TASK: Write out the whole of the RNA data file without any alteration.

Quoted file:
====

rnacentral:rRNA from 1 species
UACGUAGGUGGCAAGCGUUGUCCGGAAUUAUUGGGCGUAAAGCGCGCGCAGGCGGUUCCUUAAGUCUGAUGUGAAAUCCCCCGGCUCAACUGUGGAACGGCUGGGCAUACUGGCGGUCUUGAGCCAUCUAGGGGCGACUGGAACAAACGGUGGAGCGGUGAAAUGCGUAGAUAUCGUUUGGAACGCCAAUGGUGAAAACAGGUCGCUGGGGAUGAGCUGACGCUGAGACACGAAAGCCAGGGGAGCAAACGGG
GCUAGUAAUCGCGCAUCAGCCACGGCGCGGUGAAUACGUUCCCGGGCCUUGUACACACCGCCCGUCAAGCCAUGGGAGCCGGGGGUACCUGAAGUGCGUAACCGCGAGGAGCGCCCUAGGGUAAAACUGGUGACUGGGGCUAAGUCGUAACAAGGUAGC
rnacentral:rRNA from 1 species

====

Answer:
rnacentral:rRNA from 1 species
UACGUAGGUGGCAAGCGUUGUCCGGAAUUAUUGGGCGUAAAGCGCGCGCAGGCGGUUCCUUAAGUCUGAUGUGAAAUCCCCCGGCUCAACUGUGGAACGGCUGGGCAUACUGGCGGUCUUGAGCCAUCUAGGGGCGACUGGAACAAACGGUGGAGCGGUGAAAUGCGUAGAUAUCGUUUGGAACGCCAAUGGUGAAAACAGGUCGCUGGGGAUGAGCUGACGCUGAGACACGAAAGCCAGGGGAGCAAACGGG
GCUAGUAAUCGCGCAUCAGCCACGGCGCGGUGAAUACGUUCCCGGGCCUUGUACACACCGCCCGUCAAGCCAUGGGAGCCGGGGGUACCUGAAGUGCGUAACCGCGAGGAGCGCCCUAGGGUAAAACUGGUGACUGGGGCUAAGUCGUAACAAGGUAGC
rnacentral:rRNA from 1 species